int fd = __open ("/dev/urandom", O_RDONLY);
  if (fd >= 0)
    {
      ssize_t reslen = __read (fd, &ret, sizeof (ret));
      __close (fd);
      if (reslen == (ssize_t) sizeof (ret))
        return ret;
    }
#endif
  ret = 0;
  unsigned char *p = (unsigned char *) &ret;
  p[sizeof (ret) - 1] = 255;
  p[sizeof (ret) - 2] = '\n';
  return ret;
}

If StackGuard’s stack randomization is enabled, it will open ‘/dev/urandom’ and simply read an ‘uintptr_t’ that is stored in ‘ret’ variable. If __read() returned a value that is equal to size of ‘ret’ which means that the reading operation was successful it will simply return that value. If no stack randomization is enabled, it will set ‘p’ to the address of ‘ret’ variable and then change two Bytes of ret’s value to 0xff (255 in decimal) and 0xA (which is the newline character) and return that value. So, the canary value will always be ‘0xff0a0000’ which is the so-called terminator canary value.
The generic implementation which resides at sysdeps/generic/dl-osinfo.h uses just this implementation…

#include <stdint.h>

static inline uintptr_t __attribute__ ((always_inline))
_dl_setup_stack_chk_guard (void)
{
  uintptr_t ret = 0;
  unsigned char *p = (unsigned char *) &ret;
  p[sizeof (ret) - 1] = 255;
  p[sizeof (ret) - 2] = '\n';
  p[0] = 0;
  return ret;
}

That will always provide a terminator canary value.
So, that was pretty much a quick journey around stack canary values of the GNU C Library. :)

Written by xorl

October 14, 2010 at 11:50

Posted in security

6 Responses

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  1. More modern versions of glibc will use the AT_RANDOM bytes provided by the kernel instead of using /dev/urandom or the static canary. Prior to this, many distros would patch the dl_setup_stack_chk_guard() function to extract entropy from the stack and library memory positions to try to get some amount of randomness to avoid the static canary.

    Unfortunately, glibc still has a bug open where it is not leaving the lowest byte a “0”, which would have the affect of stopping str*() functions from operating on the canary:
    http://sourceware.org/bugzilla/show_bug.cgi?id=10149

    Kees Cook

    October 14, 2010 at 18:46

  2. Nice.

    GS contains interesting values on its segment. ‘0x14’ for 32bits(or ‘0x28’ for 64bits) is an index defined by “stack_guard” macro, and you have also pointer_guard to mangle some function pointers initialized for handle libc routines.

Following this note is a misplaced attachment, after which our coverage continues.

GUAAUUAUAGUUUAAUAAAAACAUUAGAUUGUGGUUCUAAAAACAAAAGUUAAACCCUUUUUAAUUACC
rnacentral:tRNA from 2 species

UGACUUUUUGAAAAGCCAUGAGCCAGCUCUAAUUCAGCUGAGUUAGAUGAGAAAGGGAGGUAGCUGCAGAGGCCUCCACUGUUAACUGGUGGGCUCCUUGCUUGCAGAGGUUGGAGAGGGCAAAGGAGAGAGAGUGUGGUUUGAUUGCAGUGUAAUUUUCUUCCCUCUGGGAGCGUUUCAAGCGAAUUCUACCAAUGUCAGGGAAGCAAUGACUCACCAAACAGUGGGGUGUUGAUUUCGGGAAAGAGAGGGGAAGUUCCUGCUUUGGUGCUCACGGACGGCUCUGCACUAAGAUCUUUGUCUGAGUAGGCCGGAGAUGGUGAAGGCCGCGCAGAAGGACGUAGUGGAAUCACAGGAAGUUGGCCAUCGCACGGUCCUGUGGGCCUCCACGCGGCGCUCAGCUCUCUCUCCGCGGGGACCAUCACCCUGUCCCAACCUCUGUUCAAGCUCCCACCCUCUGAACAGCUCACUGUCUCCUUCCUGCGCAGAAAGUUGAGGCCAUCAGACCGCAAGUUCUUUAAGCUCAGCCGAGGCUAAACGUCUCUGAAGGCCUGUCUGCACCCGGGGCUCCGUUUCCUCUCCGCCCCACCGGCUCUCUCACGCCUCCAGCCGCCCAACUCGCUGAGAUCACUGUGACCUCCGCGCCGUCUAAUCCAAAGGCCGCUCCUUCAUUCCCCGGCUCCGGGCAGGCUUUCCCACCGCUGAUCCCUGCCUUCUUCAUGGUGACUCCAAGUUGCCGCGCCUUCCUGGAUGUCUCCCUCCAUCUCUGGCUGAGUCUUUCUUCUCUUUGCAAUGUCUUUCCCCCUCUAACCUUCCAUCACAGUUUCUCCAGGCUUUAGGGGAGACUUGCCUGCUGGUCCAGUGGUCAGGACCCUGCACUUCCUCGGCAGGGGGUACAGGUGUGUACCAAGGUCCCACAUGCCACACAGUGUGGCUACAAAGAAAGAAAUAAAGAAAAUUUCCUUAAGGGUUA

definition
    ——————-
    #ifdef X86_ARCH
    asm(“movw %%gs, %w0” : “=q” (__main_thread_desc));
    asm(“movl %%gs:(0x10), %0″:”=r” (sysinfo));
    asm(“movl %%gs:(0x14), %0″:”=r” (stack_guard));
    asm(“movl %%gs:(0x18), %0″:”=r” (pointer_guard));
    ——————-

    bizou,
    ipv

    ipv

    October 14, 2010 at 19:33

  3. RE: “Then EAX is zeroed out since the canary value has no reason in being left there.”

    True, and it improves security. The clearing of EAX after setting the canary, and the use of XOR to test (and clear) the value in EDX, is most likely done to avoid situations where the canary value could be leaked. This way, the value is only present in a register during the setting and checking of the canary; so a program bug will be less likely to leak the value (which it will then have to get from the TLS or the stack).

    Morten S. Kirkegaard

    October 15, 2010 at 16:42

  4. I’m kind of new to this and my question might sound very stupid, but what is “%gs:0x14”?

    Thanks

    Boo

    November 9, 2011 at 22:58

  5. It’s just an offset (0x14) from GS segment selector which from the above code snippets you can see that it points to stack_guard value which is used as the canary.

    xorl

    November 11, 2011 at 10:43

  6. Hi,

    I’ve enabled the stack_canary and I don’t it was working for me. I got the core file even though I was not enabled.

    Thanks,
    Kesav.

    Kesav

    July 26, 2012 at 13:38